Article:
Smithsonian National Museum of Natural History, North American Mammals
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  Rodentia · Cricetidae · Microtus miurus
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Microtus miurus

Singing Vole

Order: Rodentia
Family: Cricetidae

Image of Microtus miurus
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Conservation Status: Least Concern.


Singing Voles are known for two remarkable behaviors. One is the construction of hay piles to provide food during the long northern winters. The hay piles are built off the ground at the base of a shrub or on a well-drained slope, and most of them are made by juveniles. Willow shoots, horsetail, and many other plants are found in the hay piles, which can be tiny but are sometimes as large as 30 liters. The second behavior of note is their "singing," which is a metallic, "churring" sound. Their calls may be territorial, or they may be warnings of nearby predators. The Voles live in burrows dug in well-drained soil or under rocks.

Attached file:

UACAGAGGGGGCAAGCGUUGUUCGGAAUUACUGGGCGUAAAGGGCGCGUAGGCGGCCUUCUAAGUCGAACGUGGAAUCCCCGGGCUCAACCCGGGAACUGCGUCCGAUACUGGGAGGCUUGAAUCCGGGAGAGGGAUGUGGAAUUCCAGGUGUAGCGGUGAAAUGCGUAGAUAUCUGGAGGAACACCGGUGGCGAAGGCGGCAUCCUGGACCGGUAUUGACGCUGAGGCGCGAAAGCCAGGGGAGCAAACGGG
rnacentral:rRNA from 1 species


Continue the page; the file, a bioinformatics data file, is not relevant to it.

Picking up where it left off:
Also known as:
Alaska Haymouse, Alaska Vole, Toklat Vole

Sexual Dimorphism:
None

Length:
Average: 147 mm males; 148 mm females
Range: 125-163 mm males; 126-168 mm females

Weight:
Average: 39 g males; 38 g females
Range: 22.5-60 g males; 28-52 g females

References:

Osgood, W.H., 1901.  North American Fauna, 21:64.

Links:

Mammal Species of the World

Distribution of Microtus miurus

Image of Microtus miurus
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